Two monumentally good bits of music had failed to provoke any interest in the record buying public. Nor had the debut LP, White Music, exactly set the heather alight.
The good news from the band’s perspective is that they had a record label who believed in their abilities and a number of champions within the music press consistently praising the records and giving positive reviews to the live shows.
It was the record company bosses who suggested that one of the tracks off the debut LP should be re-recorded for release as the third single. The band was teamed up with a different producer – RJ (Mutt) Lange – who at the time was relatively unknown but had some new wave credentials thanks to his work with The Boomtown Rats. As an aside, Lange would in later years become something of an uber-producer and make a fortune from his efforts with the likes of Billy Ocean, Bryan Adams and Shania Twain – but that probably don’t impress you much.
It has to be admitted however, that the results of what proved to be a one-off collaboration with XTC did result in one of the best non-hit singles of the era.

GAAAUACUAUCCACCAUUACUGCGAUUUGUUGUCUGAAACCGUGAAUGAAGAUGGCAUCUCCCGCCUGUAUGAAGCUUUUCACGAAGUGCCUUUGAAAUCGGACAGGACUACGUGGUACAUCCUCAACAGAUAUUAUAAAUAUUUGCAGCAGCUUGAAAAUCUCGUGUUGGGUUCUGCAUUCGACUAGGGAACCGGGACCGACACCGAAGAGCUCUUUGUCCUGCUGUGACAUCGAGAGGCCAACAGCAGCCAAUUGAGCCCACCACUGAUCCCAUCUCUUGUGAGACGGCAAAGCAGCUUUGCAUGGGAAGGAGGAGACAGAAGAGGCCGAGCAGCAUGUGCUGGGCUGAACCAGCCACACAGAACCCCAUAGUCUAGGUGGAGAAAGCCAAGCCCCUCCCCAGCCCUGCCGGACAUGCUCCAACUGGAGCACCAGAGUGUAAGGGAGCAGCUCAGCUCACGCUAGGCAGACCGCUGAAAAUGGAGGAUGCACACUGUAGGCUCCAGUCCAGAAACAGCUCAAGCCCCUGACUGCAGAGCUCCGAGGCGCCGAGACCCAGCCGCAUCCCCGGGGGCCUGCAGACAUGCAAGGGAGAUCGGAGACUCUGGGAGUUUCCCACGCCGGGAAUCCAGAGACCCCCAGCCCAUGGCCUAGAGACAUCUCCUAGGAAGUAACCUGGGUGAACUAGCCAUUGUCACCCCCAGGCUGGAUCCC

mp3 : XTC – This Is Pop?
It’s a fantastic lyric in which the point is made that, no matter the genre anyone ever tries to shoehorn a song into, if it becomes well-liked and celebrated (as was increasingly happening with punk and new wave) then by definition is has to be pop music being made by a pop band. It’s also a killer tune that somehow, once again, was ignored by mainstream radio on its release in April 1978.
Proof that Mutt Lange helped the band realise their potential can also be found in the two-minute ditty that was recorded for the b-side:-
mp3 : XTC – Heatwave
It’s not a cover of the Martha & the Vandellas song (as would be done by The Jam for the Setting Sons LP in 1979) but a Colin Moulding original which is far too catchy to have been wasted as a b-side. I don’t think I’m alone in reckoning it is similar in places to a big hit single from Elvis Costello & the Attractions.